A lioness looks out over Kenya's Maasai Mara National Reserve. Photo from Andries3 courtesy of Flickr.com
This past weekend, the David Sheldrick Wildlife Trust in Kenya, received word that lions in the Maasai Mara National Reserve were collapsing. A veterinarian dispatched to the scene confirmed that the lions had been poisoned. As of today, the BBC reports that eight lions from the Marsh pride are being treated for insecticide poisoning, and two have died.
Two men have been charged with poisoning the Marsh pride lions. Reportedly, the men laced a cow carcass with insecticide, intentionally targeting the big cats that killed three of their cows. Poisoning lions is illegal, but not uncommon, in Kenya. In fact, says wildlife conservationist Paula Kahumbu, “poison is the number one cause of lion mortality.”
The high rate of poisoning is a result of ongoing conflict between lions and neighboring herdsmen. The two men facing trial are members of the Maasai tribe, a pastoralist people who hold their wealth in cattle and live on the land bordering the national reserve. Lions in the reserve attack cattle, threatening the Maasai’s livelihood. In turn, the herdsmen view the predators as a liability, poisoning the cats to protect their other cows.
If we want to protect lions and other endangered species, we must learn how to resolve such human-wildlife conflict. Property rights can help resolve conflict by turning liabilities—like lions who threaten cattle—into assets.
One example of how to accomplish this is the Ol Kinyei conservancy, which borders the Maasai Mara National Reserve where the Marsh pride lions were poisoned. At Ol Kinyei, the Porini Camps safari company partnered with the Maasai tribe to set aside a section of their land to be managed as a private wildlife conservancy with a small safari camp.
Porini Camps leases the land directly from the tribe and pays them a percentage of tourism revenues. As they profit from wildlife as a tourist attraction, tribal herdsmen view Ol Kinyei’s lions as a source of income rather than as a threat to their livestock. As a result, there is greater tolerance for wildlife among the Maasai community, and wildlife populations, including lions, have flourished on Ol Kinyei’s private reserve.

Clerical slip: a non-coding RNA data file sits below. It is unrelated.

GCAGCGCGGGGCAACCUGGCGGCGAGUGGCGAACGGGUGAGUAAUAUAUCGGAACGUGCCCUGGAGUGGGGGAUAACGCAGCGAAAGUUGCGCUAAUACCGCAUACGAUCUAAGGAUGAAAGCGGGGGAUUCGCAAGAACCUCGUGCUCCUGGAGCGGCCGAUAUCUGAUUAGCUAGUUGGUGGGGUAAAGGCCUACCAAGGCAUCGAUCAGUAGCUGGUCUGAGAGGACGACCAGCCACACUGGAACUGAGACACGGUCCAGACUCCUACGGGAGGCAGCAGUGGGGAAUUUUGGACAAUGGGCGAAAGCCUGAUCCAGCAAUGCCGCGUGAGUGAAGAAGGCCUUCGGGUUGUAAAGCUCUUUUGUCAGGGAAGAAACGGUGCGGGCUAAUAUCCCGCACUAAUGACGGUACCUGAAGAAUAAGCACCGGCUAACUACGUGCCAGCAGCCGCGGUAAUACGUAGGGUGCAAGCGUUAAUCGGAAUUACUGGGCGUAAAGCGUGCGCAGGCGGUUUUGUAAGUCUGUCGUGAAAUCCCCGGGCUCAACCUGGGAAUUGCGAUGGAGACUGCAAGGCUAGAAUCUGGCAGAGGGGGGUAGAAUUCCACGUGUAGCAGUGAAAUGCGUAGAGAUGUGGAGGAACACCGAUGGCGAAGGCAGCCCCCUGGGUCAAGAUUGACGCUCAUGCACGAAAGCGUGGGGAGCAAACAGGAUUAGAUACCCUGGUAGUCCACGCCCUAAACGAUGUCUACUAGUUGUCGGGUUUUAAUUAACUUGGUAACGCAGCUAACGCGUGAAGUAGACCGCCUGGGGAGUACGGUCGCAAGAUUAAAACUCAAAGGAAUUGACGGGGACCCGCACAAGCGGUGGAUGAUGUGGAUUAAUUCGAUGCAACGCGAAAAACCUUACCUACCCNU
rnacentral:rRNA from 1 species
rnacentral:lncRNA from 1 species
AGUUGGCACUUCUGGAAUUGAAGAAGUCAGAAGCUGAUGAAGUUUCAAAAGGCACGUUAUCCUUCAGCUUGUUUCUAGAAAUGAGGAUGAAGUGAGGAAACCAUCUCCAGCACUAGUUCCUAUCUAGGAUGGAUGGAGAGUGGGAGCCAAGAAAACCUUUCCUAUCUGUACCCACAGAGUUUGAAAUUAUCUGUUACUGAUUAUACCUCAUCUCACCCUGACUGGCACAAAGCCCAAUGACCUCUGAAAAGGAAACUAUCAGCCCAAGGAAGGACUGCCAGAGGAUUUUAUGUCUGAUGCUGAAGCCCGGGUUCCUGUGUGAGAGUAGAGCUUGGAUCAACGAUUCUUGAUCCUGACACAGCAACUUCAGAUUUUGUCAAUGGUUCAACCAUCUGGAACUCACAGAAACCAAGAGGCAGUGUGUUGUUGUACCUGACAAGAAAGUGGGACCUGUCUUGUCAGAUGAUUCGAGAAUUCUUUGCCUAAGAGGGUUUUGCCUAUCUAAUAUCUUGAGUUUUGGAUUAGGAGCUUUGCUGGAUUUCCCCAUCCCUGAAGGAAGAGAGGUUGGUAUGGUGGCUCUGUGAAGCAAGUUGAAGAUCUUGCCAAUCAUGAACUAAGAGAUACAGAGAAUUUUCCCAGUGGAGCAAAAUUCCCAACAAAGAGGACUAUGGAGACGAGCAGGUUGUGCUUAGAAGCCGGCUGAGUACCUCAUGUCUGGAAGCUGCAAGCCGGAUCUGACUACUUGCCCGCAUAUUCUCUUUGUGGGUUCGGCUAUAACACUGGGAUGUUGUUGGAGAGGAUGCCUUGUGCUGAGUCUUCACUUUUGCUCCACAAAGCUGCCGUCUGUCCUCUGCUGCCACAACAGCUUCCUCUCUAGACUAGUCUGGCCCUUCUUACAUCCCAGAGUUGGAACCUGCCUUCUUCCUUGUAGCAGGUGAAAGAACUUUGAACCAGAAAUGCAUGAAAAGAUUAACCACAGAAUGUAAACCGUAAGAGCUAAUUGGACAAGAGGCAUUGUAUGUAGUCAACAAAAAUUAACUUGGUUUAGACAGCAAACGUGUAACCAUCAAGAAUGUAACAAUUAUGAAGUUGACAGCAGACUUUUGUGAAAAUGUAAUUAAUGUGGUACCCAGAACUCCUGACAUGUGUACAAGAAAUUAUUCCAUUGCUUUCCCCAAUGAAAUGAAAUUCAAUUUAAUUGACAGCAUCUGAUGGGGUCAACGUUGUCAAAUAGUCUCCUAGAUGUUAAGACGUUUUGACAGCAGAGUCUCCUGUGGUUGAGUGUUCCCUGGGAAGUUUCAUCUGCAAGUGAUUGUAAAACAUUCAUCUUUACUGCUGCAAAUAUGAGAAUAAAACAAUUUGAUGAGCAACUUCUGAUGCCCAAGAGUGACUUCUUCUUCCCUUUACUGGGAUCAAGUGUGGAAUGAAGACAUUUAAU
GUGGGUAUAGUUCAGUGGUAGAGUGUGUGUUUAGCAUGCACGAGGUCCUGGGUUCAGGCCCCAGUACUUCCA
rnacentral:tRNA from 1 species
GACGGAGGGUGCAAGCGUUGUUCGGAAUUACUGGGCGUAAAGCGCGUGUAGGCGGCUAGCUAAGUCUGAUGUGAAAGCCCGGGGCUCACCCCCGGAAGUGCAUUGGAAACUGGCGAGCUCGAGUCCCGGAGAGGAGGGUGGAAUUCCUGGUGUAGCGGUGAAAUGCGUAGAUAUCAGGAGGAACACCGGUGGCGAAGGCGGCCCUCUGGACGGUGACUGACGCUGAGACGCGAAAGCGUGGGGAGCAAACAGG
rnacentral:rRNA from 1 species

By contrast, wildlife numbers are down on the neighboring Maasai Mara National Reserve. While it’s illegal to graze livestock on the national wildlife reserve, Maasai cattlemen have driven their livestock deep into the reserve during recent droughts, looking for forage and water, intensifying the conflict. The men who poisoned the Marsh pride lions acted illegally. However, when we understand the nature of the conflict, and the fact that these herdsmen have no other source of income, we can begin to understand their actions. In order to ensure the survival of wildlife, lions and other species must be considered an asset to the people who live with them.
Human-wildlife conflicts have led to the poisoning, poaching, and decimation of many species around the globe. It is easy for those of us who have no daily interaction with the animals to call for bans on hunting and for greater enforcement against poisoning and poaching, but these are generally ineffective in places where the livelihoods of local peoples are threatened by the wildlife we want to protect. With property rights, contracts, and the right incentives for conservation, as in the case of Ol Kinyei, wildlife populations become protected assets and are able to grow.